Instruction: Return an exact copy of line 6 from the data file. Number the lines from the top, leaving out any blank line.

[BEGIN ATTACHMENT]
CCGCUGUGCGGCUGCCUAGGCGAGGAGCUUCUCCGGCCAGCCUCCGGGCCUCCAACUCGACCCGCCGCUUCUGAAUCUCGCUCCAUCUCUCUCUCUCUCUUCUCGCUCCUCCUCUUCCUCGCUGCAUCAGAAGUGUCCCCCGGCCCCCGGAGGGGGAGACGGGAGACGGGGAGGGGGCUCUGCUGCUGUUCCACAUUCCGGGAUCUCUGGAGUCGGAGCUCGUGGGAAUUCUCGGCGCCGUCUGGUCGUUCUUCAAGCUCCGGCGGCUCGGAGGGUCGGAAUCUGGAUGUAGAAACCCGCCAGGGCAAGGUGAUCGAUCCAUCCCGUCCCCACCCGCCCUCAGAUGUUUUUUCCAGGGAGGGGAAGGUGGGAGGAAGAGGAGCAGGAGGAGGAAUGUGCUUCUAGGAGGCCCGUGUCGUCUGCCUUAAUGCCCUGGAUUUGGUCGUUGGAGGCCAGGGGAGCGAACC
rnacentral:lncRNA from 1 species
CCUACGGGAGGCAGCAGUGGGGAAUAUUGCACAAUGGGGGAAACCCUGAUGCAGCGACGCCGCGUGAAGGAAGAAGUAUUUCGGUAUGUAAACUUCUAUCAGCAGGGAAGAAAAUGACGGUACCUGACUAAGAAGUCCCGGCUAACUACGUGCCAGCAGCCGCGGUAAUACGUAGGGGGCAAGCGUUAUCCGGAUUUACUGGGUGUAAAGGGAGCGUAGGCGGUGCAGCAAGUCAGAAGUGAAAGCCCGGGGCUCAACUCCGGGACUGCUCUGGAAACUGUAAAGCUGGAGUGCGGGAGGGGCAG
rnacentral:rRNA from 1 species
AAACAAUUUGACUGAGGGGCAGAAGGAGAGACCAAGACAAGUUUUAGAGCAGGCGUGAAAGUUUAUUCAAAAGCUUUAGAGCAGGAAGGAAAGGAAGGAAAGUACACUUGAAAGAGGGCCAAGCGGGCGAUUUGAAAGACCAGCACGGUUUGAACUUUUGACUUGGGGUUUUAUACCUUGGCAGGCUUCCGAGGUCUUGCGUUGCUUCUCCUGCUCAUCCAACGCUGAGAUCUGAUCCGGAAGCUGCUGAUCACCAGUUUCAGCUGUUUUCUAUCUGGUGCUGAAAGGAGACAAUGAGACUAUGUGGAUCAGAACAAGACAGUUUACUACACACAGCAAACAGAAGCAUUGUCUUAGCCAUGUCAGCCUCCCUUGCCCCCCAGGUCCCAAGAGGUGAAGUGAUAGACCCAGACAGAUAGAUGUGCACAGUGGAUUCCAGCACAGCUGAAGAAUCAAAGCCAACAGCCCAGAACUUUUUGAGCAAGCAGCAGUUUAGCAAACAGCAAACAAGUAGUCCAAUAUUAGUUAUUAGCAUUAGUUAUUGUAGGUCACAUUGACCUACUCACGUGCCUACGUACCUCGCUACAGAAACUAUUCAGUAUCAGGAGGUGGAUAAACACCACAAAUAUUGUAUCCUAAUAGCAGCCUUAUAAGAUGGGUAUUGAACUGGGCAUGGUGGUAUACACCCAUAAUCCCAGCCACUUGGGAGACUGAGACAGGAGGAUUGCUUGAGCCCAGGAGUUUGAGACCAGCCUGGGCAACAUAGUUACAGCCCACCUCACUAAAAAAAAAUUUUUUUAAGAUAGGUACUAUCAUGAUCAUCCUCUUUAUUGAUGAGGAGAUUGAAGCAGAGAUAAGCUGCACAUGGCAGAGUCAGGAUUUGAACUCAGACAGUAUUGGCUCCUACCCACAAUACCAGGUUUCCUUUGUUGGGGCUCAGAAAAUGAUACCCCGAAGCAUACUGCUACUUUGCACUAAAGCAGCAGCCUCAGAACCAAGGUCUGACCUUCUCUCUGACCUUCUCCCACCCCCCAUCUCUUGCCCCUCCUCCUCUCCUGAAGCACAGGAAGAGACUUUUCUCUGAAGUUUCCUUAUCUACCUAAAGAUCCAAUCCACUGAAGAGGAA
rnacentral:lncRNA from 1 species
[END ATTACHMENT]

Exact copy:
rnacentral:lncRNA from 1 species